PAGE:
Due to their limited magnification range, prismatic and refracting telescopes are generally useful for bird watching at medium powers at moderate distances of more or less 40 metres, where the binoculars are unable to reach, up to about 450 metres. (These distances do not represent limits, but are pure indicative figures.)
Reflex reflectors (combination of lens and mirror) are often powerful telephoto lenses equipped with a prism system that straightens the image and an eyepiece for visual use. They are usually the best choice as a high-powered spotting scope if long-distance nature photography is included in your bird-watching plans.
The combination of lenses and mirrors in a reflex reflector maintains a long focal length in a small package, giving you a high visual magnification and an exceptional performance of photographic lenses in an object of not excessive weight.
The large aperture and focal length of a reflex reflector make it very suitable for terrestrial observations from a fixed location – such as from a patio, a holiday cabin, or a house by the sea. Its focal length provides a narrow field of view, however.
This limits its usefulness for those activities that require a wide “panoramic” view, such as when you have to observe landscapes, follow sports where players move quickly, or observe birds approaching, etc. Catadioptrics, in general, are more useful at long distances between 60 metres and 1.6 kilometres. (Again, these distances do not represent limits, but are pure and simple indicative figures).
Due to its narrow field, a retro-reflector scope usually has a finder (a small, lower-powered rifle scope, equipped with aiming reticles, mounted on the side of the main scope and used to help you centre the scope on distant objects).
Some spotting scopes, mostly Questar reflex reflectors and some versions of the TeleVue Pronto and Ranger refractors, have a viewing angle of 90° with an eyepiece holder that positions the eyepiece at the right angle to align it to the line of sight. You have to look down and towards the eyepiece to observe the birds in front of you.
This provides sharper images, but some find this position very uncomfortable. In addition, the 90° eyepiece holder shows mirrored images. This means that a bird that moves from left to right is actually moving in the other direction and, to follow your path, you will have to move from right to left, which many find confusing at the beginning. After some use it becomes automatic, however, just like combing one’s hair in the mirror.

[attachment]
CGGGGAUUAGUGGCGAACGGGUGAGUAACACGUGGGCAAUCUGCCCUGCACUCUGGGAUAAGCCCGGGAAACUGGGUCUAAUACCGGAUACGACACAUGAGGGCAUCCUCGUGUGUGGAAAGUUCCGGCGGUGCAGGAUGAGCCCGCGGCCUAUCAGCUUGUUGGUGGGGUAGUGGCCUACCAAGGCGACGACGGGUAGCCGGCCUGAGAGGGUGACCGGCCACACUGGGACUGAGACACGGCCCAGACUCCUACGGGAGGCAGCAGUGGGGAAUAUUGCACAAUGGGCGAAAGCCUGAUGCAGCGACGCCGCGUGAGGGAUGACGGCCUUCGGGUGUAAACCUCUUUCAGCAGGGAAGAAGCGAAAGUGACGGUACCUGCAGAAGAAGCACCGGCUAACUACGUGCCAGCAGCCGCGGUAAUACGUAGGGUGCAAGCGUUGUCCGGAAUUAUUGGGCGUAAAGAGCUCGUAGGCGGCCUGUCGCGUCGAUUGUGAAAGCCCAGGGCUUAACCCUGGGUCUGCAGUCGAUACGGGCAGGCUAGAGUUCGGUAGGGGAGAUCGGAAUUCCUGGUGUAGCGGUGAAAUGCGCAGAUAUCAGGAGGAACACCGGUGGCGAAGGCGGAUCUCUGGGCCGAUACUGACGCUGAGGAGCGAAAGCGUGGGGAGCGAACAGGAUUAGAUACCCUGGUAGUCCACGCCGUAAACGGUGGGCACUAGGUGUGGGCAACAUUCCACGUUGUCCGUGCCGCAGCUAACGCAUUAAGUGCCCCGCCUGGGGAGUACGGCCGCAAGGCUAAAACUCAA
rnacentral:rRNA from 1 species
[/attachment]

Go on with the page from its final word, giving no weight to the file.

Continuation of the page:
If you find the straight-through view much more comfortable, however, or if you need to get straight images for surveillance purposes, read the plates of distant boats, etc., you can purchase optional image straightening systems to give you a straight-through view that correctly orients images with these 90° telescopes.
Most catadioptric telescopes have a 45° removable eyepiece holder for an observation position halfway between the straight view of the prismatic telescopes and the 90° view of the Questar’s reflex reflectors. These 45° eyepiece holders provide correctly oriented images (both straight and correctly oriented), without the need to purchase a leek prism separately to align what you see in the telescope with what you see with the naked eye. This 45° viewing angle also offers a comfortable observation position for long bird-watching sessions, especially for those who are very tall and have a short tripod.
If you plan to use your car as a mobile viewing point, straight-through viewing – or a 45° system that can be moved from side to side – is practically essential, as there is usually not enough space in a car to let the head enter between the roof and the eyepiece of a 90° telescope mounted on a car window.
The magnification of any reflex reflector can be changed simply by replacing with a different eyepiece. Zoom-type eyepieces are available and provide considerable observational flexibility, albeit at the cost of less contrast and a smaller field of view at low powers than eyepieces with a fixed power of similar magnifications.
Due to the folded optical path design of a reflex reflector, an image of its secondary mirror is sometimes visible as a fuzzy grey spot in the centre of the field during daytime observations at very low powers (lower than those provided by the eyepiece normally included with the telescope). Switching to a higher power eyepiece can eliminate this image of the secondary mirror.